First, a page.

(Of course, learning more tools is a great idea once you already have one under your belt. The best programmers use the right tool for the job, no matter what that tool is.)

One additional note. We’re going to be installing Python and conda through the Miniconda distribution of Python, even if you already have Python installed on your system. This is because we want to use conda to install packages and manage our virtual environments, which is something we’ll discuss further down.

Let’s help you get Python installed!

Installation Instructions

Here are the step-by-step instructions for getting zsh setup:

  1. Check your current Python version.
    • You might already have Python installed. Open up your terminal and run python --version. If you get a version printed out, then you already have Python installed.
    • Even if you already have Python installed though, you’re going to want to download and install Miniconda using the next few steps. This is because we’re going to be using conda for our virtual environment manager later on.
  2. Install a new version of Python using Miniconda.
  3. Verify your installation.
    • Open up a terminal (or close your terminal and re-open).
    • Run conda env list in the terminal. You should get a short list printed out.
    • If you get an error, you’ll need to do some troubleshooting. See the conda Windows installation page for some troubleshooting tips.
  4. See which version of Python is your default.
    • Run which python in the terminal. If your Miniconda installation is your default, then you should see a path printed out that has “miniconda” in it, like “miniconda3/bin/python”.
    • If you aren’t using the Miniconda version as your default, that’s ok. When you go to create a virtual environment using conda, it will create it using your Miniconda setup.

Virtual environment: conda

Since you just installed Miniconda, you have conda installed.

What is conda? Well, there are two main purposes of conda:

  1. First, conda is used to install Python packages.
    • We’ll use conda to install data science packages like Pandas, NumPy, and Scikit-Learn.
  2. Second, conda is used to create and manage virtual environments.
    • Virtual environments are basically separate installations of Python that have their own set of packages that they have access to.
    • This means each project you work on can have its own set of packages, and you don’t have to worry about your projects having conflicting package requirements (like one project needing scikit-learn version 0.21 and another project needing version 0.23).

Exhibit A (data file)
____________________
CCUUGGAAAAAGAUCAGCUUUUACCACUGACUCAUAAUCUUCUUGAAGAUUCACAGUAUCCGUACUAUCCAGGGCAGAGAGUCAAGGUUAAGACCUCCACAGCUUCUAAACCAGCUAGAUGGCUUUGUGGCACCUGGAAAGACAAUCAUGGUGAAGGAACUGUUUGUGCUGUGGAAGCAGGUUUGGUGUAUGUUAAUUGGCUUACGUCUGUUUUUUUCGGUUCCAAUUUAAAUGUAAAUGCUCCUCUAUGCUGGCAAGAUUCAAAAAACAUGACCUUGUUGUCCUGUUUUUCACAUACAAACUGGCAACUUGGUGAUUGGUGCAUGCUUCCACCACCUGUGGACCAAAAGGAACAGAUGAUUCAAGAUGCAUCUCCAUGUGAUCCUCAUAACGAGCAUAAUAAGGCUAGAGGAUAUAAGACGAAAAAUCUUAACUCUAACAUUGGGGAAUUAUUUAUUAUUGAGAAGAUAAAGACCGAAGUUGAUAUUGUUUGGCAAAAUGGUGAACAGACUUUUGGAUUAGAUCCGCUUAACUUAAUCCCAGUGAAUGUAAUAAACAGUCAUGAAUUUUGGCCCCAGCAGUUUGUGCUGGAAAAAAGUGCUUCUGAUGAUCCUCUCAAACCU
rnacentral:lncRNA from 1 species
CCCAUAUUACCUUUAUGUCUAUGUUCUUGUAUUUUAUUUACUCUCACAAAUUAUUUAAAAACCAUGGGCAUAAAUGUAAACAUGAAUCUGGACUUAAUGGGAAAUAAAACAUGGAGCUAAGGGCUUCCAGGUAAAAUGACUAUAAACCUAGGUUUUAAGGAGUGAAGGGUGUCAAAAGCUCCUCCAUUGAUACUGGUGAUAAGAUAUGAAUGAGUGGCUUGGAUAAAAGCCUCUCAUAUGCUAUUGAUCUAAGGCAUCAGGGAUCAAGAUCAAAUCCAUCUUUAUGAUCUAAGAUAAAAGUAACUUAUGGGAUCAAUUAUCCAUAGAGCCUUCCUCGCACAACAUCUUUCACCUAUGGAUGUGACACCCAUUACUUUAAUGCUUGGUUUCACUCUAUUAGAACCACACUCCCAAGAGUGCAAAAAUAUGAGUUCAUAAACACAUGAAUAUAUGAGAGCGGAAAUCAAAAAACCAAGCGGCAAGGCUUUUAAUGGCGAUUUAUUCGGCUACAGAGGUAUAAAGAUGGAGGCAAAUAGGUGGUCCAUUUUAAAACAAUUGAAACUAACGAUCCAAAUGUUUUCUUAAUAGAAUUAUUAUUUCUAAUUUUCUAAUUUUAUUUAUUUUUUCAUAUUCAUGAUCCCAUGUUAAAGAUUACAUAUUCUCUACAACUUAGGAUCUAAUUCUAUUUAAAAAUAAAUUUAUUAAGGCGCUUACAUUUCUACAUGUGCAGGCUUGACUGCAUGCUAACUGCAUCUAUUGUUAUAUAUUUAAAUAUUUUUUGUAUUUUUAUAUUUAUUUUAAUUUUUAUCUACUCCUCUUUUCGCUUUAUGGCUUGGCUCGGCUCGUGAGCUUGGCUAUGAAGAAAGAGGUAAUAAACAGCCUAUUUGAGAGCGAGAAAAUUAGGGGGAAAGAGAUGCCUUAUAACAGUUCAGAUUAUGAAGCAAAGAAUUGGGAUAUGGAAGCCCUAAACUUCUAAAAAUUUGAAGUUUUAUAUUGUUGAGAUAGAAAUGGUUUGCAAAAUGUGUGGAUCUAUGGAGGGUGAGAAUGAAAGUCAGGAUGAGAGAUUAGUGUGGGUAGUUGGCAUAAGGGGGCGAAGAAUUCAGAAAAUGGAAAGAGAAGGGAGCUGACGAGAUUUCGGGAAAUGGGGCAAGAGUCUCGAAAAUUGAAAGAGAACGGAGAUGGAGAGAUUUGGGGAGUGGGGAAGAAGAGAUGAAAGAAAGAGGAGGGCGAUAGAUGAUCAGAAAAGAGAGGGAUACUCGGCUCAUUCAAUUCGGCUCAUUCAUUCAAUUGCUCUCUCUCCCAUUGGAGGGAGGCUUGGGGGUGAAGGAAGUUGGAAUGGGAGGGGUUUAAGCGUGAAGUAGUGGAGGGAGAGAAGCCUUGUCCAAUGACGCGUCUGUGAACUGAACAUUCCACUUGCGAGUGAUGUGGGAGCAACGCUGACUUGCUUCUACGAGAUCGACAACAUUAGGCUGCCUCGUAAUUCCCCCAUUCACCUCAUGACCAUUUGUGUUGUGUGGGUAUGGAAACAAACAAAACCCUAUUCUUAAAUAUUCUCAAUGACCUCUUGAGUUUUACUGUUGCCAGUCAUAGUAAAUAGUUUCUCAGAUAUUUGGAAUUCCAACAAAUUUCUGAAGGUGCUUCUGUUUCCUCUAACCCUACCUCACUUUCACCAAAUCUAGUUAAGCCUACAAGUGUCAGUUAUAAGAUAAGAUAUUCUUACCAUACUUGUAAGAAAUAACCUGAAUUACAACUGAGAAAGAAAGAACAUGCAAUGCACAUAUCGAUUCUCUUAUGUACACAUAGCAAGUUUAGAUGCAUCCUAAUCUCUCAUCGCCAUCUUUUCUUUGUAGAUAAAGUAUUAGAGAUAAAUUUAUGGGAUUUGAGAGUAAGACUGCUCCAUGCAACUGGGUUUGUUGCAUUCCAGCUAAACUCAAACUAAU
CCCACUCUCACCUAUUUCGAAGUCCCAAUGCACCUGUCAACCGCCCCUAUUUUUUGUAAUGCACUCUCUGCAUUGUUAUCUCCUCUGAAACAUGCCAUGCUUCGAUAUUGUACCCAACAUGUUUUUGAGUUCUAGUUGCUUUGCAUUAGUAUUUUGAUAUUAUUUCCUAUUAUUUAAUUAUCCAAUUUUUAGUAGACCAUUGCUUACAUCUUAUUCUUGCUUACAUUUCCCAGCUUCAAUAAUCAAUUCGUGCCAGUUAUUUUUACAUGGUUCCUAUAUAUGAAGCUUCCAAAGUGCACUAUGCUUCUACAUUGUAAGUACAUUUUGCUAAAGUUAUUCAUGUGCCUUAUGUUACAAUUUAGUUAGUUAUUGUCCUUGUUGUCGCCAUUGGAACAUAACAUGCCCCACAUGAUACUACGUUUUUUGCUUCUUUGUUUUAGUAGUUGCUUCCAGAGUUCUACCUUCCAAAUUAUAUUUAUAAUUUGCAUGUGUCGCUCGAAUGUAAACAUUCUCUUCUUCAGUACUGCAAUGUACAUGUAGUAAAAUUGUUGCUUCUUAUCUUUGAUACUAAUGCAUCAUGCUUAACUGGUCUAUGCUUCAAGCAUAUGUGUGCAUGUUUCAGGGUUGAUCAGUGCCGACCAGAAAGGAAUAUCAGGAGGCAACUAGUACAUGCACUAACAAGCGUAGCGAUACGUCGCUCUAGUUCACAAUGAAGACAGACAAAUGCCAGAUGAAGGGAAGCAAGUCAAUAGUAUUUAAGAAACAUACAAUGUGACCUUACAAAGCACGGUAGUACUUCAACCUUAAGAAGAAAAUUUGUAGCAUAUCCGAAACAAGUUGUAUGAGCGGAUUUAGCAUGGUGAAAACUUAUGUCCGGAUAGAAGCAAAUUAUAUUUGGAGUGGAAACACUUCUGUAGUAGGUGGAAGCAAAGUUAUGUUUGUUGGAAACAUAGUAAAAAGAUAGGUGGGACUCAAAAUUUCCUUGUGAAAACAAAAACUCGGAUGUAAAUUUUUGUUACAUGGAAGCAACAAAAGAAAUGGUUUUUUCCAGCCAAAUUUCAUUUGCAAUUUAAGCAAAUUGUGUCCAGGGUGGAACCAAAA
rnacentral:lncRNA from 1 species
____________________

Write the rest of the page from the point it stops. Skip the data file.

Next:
There are other ways to install Python packages (like pip, which we’ll use sometimes in conjunction with conda), and there are other ways to create and manage virtual environments (like venv). But conda is used by a lot of data scientists, and we’ll be using conda throughout Project Data Science projects.

If you want to learn more about virtual environments, check out this documentation page: https://docs.python.org/3/tutorial/venv.html.

Using conda to create a virtual environment

Let’s walk through how you can create, use, and remove a conda virtual environment.

  1. Create a conda virtual environment.
    • First, open up a terminal. Type which python to see which version of Python would run right now if you were to run python in your terminal.
    • Run conda env list to see the list of conda environments you already have on your system. You should probably only have the “base” environment, which is the default conda environment that gets setup when you installed Miniconda.
    • Run this command to create a new conda environment named “my-env” with pandas installed:
      • conda create -n my-env pandas
    • Run conda env list again, and you should now see “my-env” listed.
  2. Activate your conda virtual environment.
    • Run conda activate my-env to activate your new environment.
    • Now run which python. You should see a different path printed out to the screen. This means that if you were to run python right now, you would be using your virtual environment.
  3. Install a new package in your virtual environment.
    • With your conda environment activated, run conda install seaborn to install the data visualization package seaborn. This will only get installed in your “my-env” environment, and not in “base”.
  4. Run Python and verify that you have pandas and seaborn installed.
    • In your terminal, type python. You should see a Python interpreter open up.
    • Run import pandas in the Python interpreter. If you don’t get an error, then you successfully imported the pandas package!
    • Try running import seaborn to verify that seaborn got installed as well.
    • Type exit() to get out of the Python interpreter and back into your terminal, zsh.
  5. Deactivate your conda environment.
    • Run conda deactivate.
    • Now if you type which python, you should see your own Python path printed out again.
  6. Remove your virtual environment.
    • Let’s go ahead and delete your virtual environment, since this was just for testing purposes.
    • Run conda remove --name my-env --all.
    • After that finishing running, run conda env list again. You shouldn’t see your “my-env” environment any longer.

Congratulations on creating, using, and removing your first conda virtual environment! It’s a best practice to create a new virtual environment for each project that you work on.

Code editor: VS Code (Visual Studio Code)

People can have very strong feelings about their preferred code editor, but the truth is that there are a lot of good editors out there and it doesn’t matter so much which one you go with, as long as you like it and know how to use it.